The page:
This story is also notable because of the pedigree of the car itself. This car carried the serial number P1000, indicating that it was the very first production model. That would make even the V.I.N. plate of this car very valuable. There is apparently a person in England who claims to be restoring P1000. If that is true, then it would seem that the car was indeed brought back to Ontario to be stripped. Otherwise, it would seem someone found and retrieved a real buried treasure.
The following gallery of photos came to us via Fotki user Kurzheck, who has compiled a rather large collection of historic racing photos. This gallery includes a number of shots not directly related to McLean and P1000, but that are Comstock cars or drivers.
Thanks to Gerry McDonald for providing sharing his part and to Bob Barg, who witnessed the crash, for setting some details straight.
ED Note: ASN Canada Vice President of Competition, Paul Cooke has weighed in on this story in the hopes that finally the debate will be put to rest.
“April 10, 2013
1966 Sebring 12 Hours.
This item was brought to my attention a short time ago at the time of this year’s Sebring race. Let’s clear up these stories once and for all – for the record. I was present at the event in the capacity of Comstock Team Manager and Chief Mechanic.
The race was well under way. The GT40 made a pit stop. Fuel was added. Tires and front brake pads were changed. All things were normal. Bob McLean took over as driver.
With cold tires and brakes, the car left the pit exit just as our other GT40 went by with Eppie Wietzes driving. It was observed that the McLean car was attempting to stay with the Wietzes car, not an unreasonable or unusual thing for Bob to do. The McLean car (remember the cold brakes and tires) simply left the road, impacted a utility pole, tumbled and burst into flames. The fire was not readily extinguished.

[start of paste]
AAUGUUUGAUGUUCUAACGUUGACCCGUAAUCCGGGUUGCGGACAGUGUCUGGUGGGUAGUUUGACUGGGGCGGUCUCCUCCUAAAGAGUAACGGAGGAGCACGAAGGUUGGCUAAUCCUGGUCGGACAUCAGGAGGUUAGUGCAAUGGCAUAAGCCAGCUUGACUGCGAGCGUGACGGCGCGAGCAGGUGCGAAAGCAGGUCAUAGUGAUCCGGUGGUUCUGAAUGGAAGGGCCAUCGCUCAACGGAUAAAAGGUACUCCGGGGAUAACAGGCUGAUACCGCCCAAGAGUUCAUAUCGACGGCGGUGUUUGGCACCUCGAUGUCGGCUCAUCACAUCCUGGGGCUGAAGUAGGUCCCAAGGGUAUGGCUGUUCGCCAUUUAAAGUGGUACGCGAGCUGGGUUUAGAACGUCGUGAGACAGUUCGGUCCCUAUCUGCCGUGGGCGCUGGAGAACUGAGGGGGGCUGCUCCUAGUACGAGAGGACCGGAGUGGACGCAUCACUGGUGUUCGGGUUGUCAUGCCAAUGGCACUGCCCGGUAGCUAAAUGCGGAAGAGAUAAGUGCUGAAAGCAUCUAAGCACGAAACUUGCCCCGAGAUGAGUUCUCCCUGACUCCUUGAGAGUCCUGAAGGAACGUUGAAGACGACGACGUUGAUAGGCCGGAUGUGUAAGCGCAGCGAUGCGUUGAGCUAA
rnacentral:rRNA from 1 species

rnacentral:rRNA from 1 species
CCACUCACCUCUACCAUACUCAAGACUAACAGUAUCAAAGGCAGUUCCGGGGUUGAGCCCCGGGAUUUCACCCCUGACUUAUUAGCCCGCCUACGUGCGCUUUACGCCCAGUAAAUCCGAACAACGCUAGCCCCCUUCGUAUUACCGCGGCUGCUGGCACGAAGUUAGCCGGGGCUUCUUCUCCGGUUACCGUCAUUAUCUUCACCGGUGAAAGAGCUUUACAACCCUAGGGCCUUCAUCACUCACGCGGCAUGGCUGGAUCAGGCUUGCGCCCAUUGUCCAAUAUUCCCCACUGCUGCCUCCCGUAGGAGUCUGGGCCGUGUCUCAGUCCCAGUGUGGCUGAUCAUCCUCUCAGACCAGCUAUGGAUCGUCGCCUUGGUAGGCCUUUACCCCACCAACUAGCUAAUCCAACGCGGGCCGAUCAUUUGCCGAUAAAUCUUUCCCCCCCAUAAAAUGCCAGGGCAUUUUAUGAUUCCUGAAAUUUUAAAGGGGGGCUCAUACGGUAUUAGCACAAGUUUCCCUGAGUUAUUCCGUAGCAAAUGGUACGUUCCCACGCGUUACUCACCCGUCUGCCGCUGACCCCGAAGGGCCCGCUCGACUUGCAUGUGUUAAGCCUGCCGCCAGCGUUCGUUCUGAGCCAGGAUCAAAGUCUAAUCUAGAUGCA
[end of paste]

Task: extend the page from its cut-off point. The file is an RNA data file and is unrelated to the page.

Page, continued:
Bob McLean sadly passed away.
The fire-damaged car was removed to the off-track garage in the town of Sebring where Comstock had been working before the race. Fire damage considered, there did not appear to be any apparent mechanical irregularity. The Sheriff’s Dept. technicians were involved as was the custom in Sebring, to clarify an issue of a report that the car lost a wheel. True, but not what people thought. The FIA regulations required that the cars carry a spare wheel and tire. Under the front body section of the GT40 was the spare tire enclosure. The spare wheel was a wire wheel with a small tire, which would meet regulations but never be used. When the car impacted the utility pole the front body dislocated and the spare wheel and tire was ejected. It’s that simple.
The issue of returning the car to Canada was addressed. There was no appetite within the team to do so. Canada Customs was called regarding the return of the car to Canada. Canada Customs advised that the car could be disposed in Sebring, provided that an affidavit confirming disposal was executed by the local Sheriff’s office. The affidavit would satisfy Canada Customs as to the reason the car was not returned to Canada.
The car was disposed in Sebring under observation of the Sheriff and the affidavit provided.
Anyone who claims to have knowledge that is different than what I have provided above is wrong. A person in my position does not forget incidents that are indelibly etched in one’s mind.
It was all quite simple – a racing incident – no mystery, no intrigue – a very sad period of my racing career.”